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By the time you graduate from high school, every American should have a basic working knowledge of budgets, interest rates, various saving strategies and how amortization works. Financial literacy should be taught alongside the traditional curriculum.
I am constantly surprised by how many young (and not so young) people suspend all logical thinking when it comes to money. There are some simple truths: 1) if you spend more than you bring in, you have a problem; 2) credit only goes so far for so long; 3) it’s prudent to save for a rainy day… eventually it always rains; 4) you usually need a little more than you expected; 5) it requires attention, if you ignore it or take it for granted, you will not keep it.
Plenty of intelligent people make basic financial mistakes. Financial literacy is not regularly taught in school. Most college students arrive on campus with little financial experience. Luckily most colleges have food plans to save college students from themselves. Many don’t seem to realize that they simply can’t afford to order pizza several times a week if they are also picking up a latte every morning on the way to class. Few have any idea how much interest they are paying on the books they charged at the beginning of the semester. Most would be shocked to learn that a hundred dollar book can end up costing several hundred depending on the interest rate and the length of time they take to pay it off.
Some are star struck by having access to money or a spending limit they’ve never had before. If you have never had more than a few hundred dollars at a time from your summer part-time job, a credit limit of even $5,000 seems like it will last forever. This is especially true for the student who doesn’t understand or account for the interest that the unpaid balance is racking up.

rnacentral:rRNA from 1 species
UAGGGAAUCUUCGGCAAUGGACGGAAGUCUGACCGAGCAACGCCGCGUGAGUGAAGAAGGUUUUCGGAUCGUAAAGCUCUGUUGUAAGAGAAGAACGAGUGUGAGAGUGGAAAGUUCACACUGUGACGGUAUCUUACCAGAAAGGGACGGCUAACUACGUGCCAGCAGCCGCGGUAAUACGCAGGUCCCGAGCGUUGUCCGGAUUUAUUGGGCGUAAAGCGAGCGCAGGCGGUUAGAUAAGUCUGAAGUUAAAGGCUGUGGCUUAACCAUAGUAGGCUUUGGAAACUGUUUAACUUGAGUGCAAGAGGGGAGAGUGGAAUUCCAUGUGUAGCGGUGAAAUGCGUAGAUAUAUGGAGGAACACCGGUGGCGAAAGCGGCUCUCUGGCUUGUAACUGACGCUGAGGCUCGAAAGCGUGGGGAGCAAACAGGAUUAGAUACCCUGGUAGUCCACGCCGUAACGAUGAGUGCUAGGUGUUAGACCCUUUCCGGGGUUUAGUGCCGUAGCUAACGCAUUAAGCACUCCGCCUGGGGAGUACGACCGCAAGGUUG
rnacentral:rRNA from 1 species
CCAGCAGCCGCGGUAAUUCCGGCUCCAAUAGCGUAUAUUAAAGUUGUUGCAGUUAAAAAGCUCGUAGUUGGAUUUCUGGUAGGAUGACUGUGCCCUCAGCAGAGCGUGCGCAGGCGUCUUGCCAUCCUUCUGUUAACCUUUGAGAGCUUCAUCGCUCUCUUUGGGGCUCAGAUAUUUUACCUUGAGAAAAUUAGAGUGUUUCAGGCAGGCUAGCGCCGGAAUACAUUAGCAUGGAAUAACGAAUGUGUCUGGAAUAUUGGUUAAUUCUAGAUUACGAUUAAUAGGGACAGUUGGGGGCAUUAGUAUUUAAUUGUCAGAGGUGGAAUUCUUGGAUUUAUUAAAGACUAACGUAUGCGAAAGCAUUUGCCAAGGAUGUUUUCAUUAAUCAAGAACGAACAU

A Sallie May study from 2009 showed students carried an average balance of more than $3,000. Even responsible students can quickly accumulate credit card debt. Buying required books and equipment, a few groceries, a college sweatshirt and other necessary semester kick-off expenses adds up quickly. By only making a minimum payment, those expenses become very expensive very quickly.
College students aren’t the only Americans suffering from a lack of financial literacy. A study from 2010 by the National Foundation for Credit Counseling found that over 76 million Americans graded themselves at a C, D or F grade level in personal finance. That is 34% of Americans that don’t rate even a B average in personal finance.
During the housing crash and the subprime lending debacle I saw a news report of a woman who was in foreclosure. She had bought a house that cost over half a million dollars. She was a maid. She didn’t understand the adjustable rate mortgage and could no longer make her payments when the interest rate changed. She was crying and asking over and over again “how did this happen?” She lost everything. With a little financial education, she might have chosen a house that was more realistic for her income and avoided the adjustable rate mortgage that was inconsistent with her budget.
In grade school, we learn the names of each coin and dollar. We learn the amount each coin is worth and how many shiny coins you need to get a paper dollar. We didn’t learn what to do with money once we got it. I still remember as a child, reaching into a bag the teacher was holding, grabbing a coin trying to guess what I held before I pulled it to show the class. The teacher softly coaxing along, “is the edge smooth or ridged? Is it small, medium or large?” Many of our neighbors are still fumbling in that dark bag trying to figure out what they are holding. We need to help our children by teaching them to examine their money in the light of day. Every high school student should know the 5 simple truths about money.
Gena Bigler is passionate about public service and credits her time serving nonprofits in AmeriCorps and Volunteers in Service to America (V.I.S.T.A.) with teaching her extreme budgeting and bargain shopping. Gena is now CFO of a Kentucky business and serves on the board of the Kentucky RiverKeeper. Gena would be happy to hear from you at email@example.com.